Above: Google Headquarters in California. Credit: Fair use.
On the subject of the photo-journalist, Brecht, Walter Benjamin, and J.G. Ballard all agreed: he or she is well-intentioned but is all-too-often and all-too-easily obstructed, frustrated, thwarted and blocked by the corporate facade. The corporate exterior is literally a front for a company. It is an effective barrier. Those on the outside are allowed to know nothing about what goes on on the factory floor, in the design studio, or in the boardroom.
The leftist social-justice orientated photographer may wish to use his or her camera to tell the truth about what goes on inside a large company, but unfortunately does not stand a chance. (The intention is a rather naive one.) He or she arrives at the corporate lobby and finds himself-herself to be an unwelcome visitor--and is treated as a security threat, a trespasser, or a vengeful lunatic.
So much for good intentions. Outsiders are not privy to what is actually going in the large companies even though decisions taken affect the lives of billions of ordinary people. (Those on the inside are equally stymied by the obligation to sign non-disclosure agreements upon commencement of employment.)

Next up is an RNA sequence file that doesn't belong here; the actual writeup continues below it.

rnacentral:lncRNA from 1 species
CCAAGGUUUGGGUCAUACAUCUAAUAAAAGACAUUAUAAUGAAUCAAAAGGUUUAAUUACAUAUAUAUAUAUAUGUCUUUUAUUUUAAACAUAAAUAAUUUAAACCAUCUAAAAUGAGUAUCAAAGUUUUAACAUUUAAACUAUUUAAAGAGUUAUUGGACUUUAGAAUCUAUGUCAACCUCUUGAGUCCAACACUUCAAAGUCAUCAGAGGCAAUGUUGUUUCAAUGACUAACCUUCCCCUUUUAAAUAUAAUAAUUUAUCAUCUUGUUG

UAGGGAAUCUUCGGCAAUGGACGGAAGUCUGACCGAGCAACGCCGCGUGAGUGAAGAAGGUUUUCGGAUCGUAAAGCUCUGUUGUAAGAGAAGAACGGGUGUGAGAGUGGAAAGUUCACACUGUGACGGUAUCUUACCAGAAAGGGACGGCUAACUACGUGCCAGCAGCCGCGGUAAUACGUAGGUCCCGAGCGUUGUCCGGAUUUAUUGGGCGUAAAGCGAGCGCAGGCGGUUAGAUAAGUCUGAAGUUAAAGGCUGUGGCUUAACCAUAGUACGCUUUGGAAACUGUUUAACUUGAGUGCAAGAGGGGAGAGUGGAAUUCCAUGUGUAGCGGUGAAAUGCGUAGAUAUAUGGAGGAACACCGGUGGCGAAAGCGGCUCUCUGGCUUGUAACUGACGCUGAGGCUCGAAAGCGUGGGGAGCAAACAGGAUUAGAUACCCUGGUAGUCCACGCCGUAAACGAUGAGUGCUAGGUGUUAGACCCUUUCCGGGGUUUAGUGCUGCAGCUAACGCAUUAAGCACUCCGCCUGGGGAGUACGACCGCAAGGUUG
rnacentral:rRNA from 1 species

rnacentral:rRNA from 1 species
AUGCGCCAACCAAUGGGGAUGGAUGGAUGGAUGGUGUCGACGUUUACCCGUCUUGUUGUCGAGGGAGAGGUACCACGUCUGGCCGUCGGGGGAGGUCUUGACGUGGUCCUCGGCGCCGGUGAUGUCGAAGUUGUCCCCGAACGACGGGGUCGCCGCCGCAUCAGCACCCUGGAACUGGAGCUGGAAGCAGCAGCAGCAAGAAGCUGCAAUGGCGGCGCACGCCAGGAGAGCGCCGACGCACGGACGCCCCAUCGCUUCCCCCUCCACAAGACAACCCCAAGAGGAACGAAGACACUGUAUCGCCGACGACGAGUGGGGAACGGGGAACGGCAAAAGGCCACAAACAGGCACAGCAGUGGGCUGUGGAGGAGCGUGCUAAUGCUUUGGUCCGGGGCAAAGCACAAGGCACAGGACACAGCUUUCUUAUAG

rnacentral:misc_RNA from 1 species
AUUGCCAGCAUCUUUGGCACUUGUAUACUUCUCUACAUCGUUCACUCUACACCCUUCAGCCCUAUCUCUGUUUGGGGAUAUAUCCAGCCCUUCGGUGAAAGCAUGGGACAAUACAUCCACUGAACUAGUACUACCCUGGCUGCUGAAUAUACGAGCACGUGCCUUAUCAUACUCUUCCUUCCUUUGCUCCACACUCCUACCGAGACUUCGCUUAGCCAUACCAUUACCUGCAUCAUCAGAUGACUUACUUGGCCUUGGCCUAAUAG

For Brecht, the solution to being hindered and impeded this way is to set-up and invent the likely reality of what is going on inside via fictionalized vignettes. Another option is for the well-intentioned leftist to gain access to the subject in a clandestine way by adopting the strategies of espionage, counter-intelligence, and the undercover detective.
(31 January 2019)